- A lack of infrastructure in Botswana. While the major centres are connected by roads and railways, the rural regions, where most of the agricultural activities take place, do not have adequate infrastructure to support the transport needed for farmers to get their produce to major markets. Furthermore, water, electricity and telecommunications are not readily available.
- The outbreak of pests and diseases have played a significant role in the poor performance of the agricultural sector. Between 2009 and 2015 the country has been plagued with outbreaks of foot-and-mouth disease. Several species of weeds have also been identified that caused crop failures or lower yields. These challenges can be overcome through sound management practices.
- Climate change is also identified in the National Development Plan (11) as having a detrimental effect on the agricultural sector. Botswana is an arid country with vast desert and semi-desert areas. The persisting drought that has been raging throughout Southern Africa has also affected Botswana.
- The under-utilisation of agricultural
- land is a major cause for concern. As stated, many of the inhabitants of Botswana are already practicing subsistence agriculture. If these farmers can be motivated and assisted to expand their operations and farm on a commercial scale, the agricultural sector and the country could benefit greatly.
- The combination of all these factors has contributed to a very low production rate in the agricultural sector of Botswana. The country has the potential to produce a lot more, but it needs to ensure enough capital investment and training opportunities in order to achieve improved results.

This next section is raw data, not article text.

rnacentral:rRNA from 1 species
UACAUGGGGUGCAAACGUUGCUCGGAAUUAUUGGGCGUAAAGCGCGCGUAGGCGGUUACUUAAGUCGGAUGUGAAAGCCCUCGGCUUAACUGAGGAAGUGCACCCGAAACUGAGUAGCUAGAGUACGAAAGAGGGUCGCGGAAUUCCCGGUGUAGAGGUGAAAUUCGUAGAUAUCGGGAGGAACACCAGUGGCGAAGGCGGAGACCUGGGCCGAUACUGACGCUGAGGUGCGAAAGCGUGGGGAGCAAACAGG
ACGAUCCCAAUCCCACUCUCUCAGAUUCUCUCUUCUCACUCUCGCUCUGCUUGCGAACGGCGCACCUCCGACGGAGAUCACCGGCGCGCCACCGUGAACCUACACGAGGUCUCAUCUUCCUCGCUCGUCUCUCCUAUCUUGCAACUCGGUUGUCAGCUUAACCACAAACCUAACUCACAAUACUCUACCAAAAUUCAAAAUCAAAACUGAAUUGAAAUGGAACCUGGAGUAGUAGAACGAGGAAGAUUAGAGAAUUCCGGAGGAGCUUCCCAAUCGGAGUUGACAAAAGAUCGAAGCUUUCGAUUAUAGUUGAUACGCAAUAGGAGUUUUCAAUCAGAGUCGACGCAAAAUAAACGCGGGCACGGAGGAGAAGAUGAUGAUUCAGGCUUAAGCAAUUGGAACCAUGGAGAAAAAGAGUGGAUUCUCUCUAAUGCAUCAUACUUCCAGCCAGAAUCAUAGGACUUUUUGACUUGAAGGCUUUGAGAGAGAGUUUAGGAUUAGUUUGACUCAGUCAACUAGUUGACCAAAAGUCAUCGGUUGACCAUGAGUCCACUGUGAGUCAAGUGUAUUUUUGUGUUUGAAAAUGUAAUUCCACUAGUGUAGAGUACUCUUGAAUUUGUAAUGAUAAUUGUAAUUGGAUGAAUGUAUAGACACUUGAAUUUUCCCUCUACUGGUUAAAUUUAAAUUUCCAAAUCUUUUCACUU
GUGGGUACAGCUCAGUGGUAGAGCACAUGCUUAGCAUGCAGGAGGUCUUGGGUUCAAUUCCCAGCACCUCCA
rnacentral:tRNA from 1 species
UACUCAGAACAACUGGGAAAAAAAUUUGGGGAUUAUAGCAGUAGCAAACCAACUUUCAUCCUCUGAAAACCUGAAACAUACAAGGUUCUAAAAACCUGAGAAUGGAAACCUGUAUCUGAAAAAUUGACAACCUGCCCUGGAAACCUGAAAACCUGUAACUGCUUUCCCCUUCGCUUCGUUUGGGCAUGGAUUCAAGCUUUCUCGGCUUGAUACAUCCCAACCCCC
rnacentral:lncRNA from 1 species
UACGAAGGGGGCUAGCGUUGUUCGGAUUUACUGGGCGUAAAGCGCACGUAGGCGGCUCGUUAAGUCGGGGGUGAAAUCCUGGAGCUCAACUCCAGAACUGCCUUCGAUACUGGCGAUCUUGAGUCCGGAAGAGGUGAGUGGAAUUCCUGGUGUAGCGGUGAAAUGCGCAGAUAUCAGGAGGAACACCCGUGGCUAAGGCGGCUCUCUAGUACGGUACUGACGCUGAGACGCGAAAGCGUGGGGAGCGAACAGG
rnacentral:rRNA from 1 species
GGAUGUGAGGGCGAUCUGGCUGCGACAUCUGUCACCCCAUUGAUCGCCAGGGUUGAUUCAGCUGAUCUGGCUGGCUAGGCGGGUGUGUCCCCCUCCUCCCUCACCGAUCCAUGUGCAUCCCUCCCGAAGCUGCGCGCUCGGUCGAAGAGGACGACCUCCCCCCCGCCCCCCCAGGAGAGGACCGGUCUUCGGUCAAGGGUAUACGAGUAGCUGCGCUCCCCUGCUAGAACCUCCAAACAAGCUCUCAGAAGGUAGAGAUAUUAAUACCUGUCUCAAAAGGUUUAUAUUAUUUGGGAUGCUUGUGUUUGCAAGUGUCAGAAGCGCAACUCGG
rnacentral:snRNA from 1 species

The answer seems to lie in four focus areas that the government of Botswana can invest in to ensure substantial growth in the agricultural sector. The first is investment in the development of infrastructure. If more farmers have access to local and major markets it will not only encourage larger scale operations but will also aid other sectors of the economy. Boosting infrastructure will entail the building of roads and power stations that will create more jobs. The whole economy will benefit from this; not only the agricultural sector.
Secondly, the challenges of drought and climate change can largely be met by the development of irrigation technology. Botswana has rich water sources in some areas of the country, and these can be used as irrigation hubs where crop farming and horticulture can be the main focus of economic activity. Once the issues of a sustainable water supply and adequate infrastructure have been addressed, the farmers can be motivated and trained to expand their operations from subsistence to commercial agriculture. This in turn will lead to more effective land use and higher levels of agricultural production.
The government of Botswana deserves credit for foreseeing the problem of being overly dependent on the diamond industry. They also deserve credit for realising that agriculture has the potential to become a major contributor to the economy. The challenges that have been identified is another step in the right direction. Whether the government has the political will and resources to adequately address these challenges is something that remains to be seen.